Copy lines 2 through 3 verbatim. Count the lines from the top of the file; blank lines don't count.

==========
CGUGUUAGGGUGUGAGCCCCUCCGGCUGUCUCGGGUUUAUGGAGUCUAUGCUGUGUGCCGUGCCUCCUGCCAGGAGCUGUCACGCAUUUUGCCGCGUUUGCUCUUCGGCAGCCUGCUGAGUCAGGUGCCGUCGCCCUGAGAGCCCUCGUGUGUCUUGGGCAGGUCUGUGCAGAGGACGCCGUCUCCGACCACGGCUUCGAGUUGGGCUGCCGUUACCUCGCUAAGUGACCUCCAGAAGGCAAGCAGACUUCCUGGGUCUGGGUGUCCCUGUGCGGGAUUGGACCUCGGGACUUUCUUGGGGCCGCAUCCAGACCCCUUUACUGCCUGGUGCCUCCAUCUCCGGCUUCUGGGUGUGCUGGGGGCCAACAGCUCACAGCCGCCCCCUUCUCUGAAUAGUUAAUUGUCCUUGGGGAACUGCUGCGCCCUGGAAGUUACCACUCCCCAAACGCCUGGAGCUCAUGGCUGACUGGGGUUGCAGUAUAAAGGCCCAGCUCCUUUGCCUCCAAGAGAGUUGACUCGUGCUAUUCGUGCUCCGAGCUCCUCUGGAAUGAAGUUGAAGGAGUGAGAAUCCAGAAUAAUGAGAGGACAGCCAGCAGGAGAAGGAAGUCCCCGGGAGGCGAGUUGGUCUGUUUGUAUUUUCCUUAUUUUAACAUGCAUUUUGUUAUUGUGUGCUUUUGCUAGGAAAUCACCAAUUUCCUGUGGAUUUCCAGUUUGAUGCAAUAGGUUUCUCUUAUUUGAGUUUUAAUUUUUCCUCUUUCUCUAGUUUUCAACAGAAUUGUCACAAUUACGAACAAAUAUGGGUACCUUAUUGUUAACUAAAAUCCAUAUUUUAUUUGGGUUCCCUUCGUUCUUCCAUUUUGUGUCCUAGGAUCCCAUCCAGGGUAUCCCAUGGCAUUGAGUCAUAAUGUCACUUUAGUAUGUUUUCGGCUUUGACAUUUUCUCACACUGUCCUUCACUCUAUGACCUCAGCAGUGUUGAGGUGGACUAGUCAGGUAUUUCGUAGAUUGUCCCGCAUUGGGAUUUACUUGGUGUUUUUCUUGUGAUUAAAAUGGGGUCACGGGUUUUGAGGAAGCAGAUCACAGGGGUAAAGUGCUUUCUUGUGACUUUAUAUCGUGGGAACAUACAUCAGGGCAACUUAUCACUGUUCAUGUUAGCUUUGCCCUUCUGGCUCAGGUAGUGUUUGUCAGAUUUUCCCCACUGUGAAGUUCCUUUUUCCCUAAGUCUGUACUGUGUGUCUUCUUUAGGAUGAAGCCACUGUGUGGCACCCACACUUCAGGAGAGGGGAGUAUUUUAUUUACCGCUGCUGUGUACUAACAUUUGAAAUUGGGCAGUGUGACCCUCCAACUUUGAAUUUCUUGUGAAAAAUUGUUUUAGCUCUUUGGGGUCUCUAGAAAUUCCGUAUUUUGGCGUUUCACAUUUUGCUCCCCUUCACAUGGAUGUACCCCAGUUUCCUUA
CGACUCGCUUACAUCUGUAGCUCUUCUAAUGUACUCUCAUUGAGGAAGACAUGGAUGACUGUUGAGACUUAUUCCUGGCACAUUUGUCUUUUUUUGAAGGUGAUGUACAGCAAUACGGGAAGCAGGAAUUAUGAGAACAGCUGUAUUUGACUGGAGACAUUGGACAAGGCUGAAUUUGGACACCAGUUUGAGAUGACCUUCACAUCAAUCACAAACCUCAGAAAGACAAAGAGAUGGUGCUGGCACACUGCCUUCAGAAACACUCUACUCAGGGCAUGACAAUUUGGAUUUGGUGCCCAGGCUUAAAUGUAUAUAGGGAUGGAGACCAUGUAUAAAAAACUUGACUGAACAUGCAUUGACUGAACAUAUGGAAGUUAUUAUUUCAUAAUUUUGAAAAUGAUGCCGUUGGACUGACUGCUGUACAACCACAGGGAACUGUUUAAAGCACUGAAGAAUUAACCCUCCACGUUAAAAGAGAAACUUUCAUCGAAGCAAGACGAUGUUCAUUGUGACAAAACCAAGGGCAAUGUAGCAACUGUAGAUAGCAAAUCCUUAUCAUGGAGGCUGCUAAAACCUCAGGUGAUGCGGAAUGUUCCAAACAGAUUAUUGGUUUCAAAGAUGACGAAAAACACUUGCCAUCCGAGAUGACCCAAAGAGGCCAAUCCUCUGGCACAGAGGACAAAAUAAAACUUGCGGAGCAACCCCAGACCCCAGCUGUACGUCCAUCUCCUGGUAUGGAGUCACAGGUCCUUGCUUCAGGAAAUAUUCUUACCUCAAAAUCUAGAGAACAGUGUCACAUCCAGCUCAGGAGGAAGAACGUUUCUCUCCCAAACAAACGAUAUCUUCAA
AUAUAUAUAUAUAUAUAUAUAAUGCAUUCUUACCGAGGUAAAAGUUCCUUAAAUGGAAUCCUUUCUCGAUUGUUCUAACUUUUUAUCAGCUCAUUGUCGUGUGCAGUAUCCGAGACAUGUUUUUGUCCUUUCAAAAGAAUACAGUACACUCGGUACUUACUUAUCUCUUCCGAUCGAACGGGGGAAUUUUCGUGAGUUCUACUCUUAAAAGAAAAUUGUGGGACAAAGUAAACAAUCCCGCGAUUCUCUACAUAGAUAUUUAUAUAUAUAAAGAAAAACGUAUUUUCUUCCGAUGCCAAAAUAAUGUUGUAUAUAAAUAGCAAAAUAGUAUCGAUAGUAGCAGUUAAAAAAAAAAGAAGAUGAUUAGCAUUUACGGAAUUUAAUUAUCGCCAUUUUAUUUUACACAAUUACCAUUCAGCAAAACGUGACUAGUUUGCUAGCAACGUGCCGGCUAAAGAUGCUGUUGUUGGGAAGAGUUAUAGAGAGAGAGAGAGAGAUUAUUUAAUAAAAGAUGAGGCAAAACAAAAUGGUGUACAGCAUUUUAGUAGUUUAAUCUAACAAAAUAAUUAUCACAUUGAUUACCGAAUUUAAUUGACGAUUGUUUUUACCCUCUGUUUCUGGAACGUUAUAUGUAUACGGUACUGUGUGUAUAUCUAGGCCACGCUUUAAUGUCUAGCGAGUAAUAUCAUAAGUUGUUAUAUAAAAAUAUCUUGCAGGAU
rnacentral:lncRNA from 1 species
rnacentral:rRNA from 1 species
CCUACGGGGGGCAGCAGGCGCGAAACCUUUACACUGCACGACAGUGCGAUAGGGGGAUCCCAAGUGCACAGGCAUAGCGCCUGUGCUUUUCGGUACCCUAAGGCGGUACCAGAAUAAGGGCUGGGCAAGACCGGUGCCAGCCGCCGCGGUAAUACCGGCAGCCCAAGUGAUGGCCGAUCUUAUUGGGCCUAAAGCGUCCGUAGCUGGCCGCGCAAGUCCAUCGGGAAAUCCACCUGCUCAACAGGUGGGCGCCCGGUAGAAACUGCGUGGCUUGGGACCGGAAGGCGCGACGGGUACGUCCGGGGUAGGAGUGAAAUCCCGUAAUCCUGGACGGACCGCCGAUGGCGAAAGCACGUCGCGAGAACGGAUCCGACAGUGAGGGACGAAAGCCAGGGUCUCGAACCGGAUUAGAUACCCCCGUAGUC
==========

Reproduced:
CGACUCGCUUACAUCUGUAGCUCUUCUAAUGUACUCUCAUUGAGGAAGACAUGGAUGACUGUUGAGACUUAUUCCUGGCACAUUUGUCUUUUUUUGAAGGUGAUGUACAGCAAUACGGGAAGCAGGAAUUAUGAGAACAGCUGUAUUUGACUGGAGACAUUGGACAAGGCUGAAUUUGGACACCAGUUUGAGAUGACCUUCACAUCAAUCACAAACCUCAGAAAGACAAAGAGAUGGUGCUGGCACACUGCCUUCAGAAACACUCUACUCAGGGCAUGACAAUUUGGAUUUGGUGCCCAGGCUUAAAUGUAUAUAGGGAUGGAGACCAUGUAUAAAAAACUUGACUGAACAUGCAUUGACUGAACAUAUGGAAGUUAUUAUUUCAUAAUUUUGAAAAUGAUGCCGUUGGACUGACUGCUGUACAACCACAGGGAACUGUUUAAAGCACUGAAGAAUUAACCCUCCACGUUAAAAGAGAAACUUUCAUCGAAGCAAGACGAUGUUCAUUGUGACAAAACCAAGGGCAAUGUAGCAACUGUAGAUAGCAAAUCCUUAUCAUGGAGGCUGCUAAAACCUCAGGUGAUGCGGAAUGUUCCAAACAGAUUAUUGGUUUCAAAGAUGACGAAAAACACUUGCCAUCCGAGAUGACCCAAAGAGGCCAAUCCUCUGGCACAGAGGACAAAAUAAAACUUGCGGAGCAACCCCAGACCCCAGCUGUACGUCCAUCUCCUGGUAUGGAGUCACAGGUCCUUGCUUCAGGAAAUAUUCUUACCUCAAAAUCUAGAGAACAGUGUCACAUCCAGCUCAGGAGGAAGAACGUUUCUCUCCCAAACAAACGAUAUCUUCAA
AUAUAUAUAUAUAUAUAUAUAAUGCAUUCUUACCGAGGUAAAAGUUCCUUAAAUGGAAUCCUUUCUCGAUUGUUCUAACUUUUUAUCAGCUCAUUGUCGUGUGCAGUAUCCGAGACAUGUUUUUGUCCUUUCAAAAGAAUACAGUACACUCGGUACUUACUUAUCUCUUCCGAUCGAACGGGGGAAUUUUCGUGAGUUCUACUCUUAAAAGAAAAUUGUGGGACAAAGUAAACAAUCCCGCGAUUCUCUACAUAGAUAUUUAUAUAUAUAAAGAAAAACGUAUUUUCUUCCGAUGCCAAAAUAAUGUUGUAUAUAAAUAGCAAAAUAGUAUCGAUAGUAGCAGUUAAAAAAAAAAGAAGAUGAUUAGCAUUUACGGAAUUUAAUUAUCGCCAUUUUAUUUUACACAAUUACCAUUCAGCAAAACGUGACUAGUUUGCUAGCAACGUGCCGGCUAAAGAUGCUGUUGUUGGGAAGAGUUAUAGAGAGAGAGAGAGAGAUUAUUUAAUAAAAGAUGAGGCAAAACAAAAUGGUGUACAGCAUUUUAGUAGUUUAAUCUAACAAAAUAAUUAUCACAUUGAUUACCGAAUUUAAUUGACGAUUGUUUUUACCCUCUGUUUCUGGAACGUUAUAUGUAUACGGUACUGUGUGUAUAUCUAGGCCACGCUUUAAUGUCUAGCGAGUAAUAUCAUAAGUUGUUAUAUAAAAAUAUCUUGCAGGAU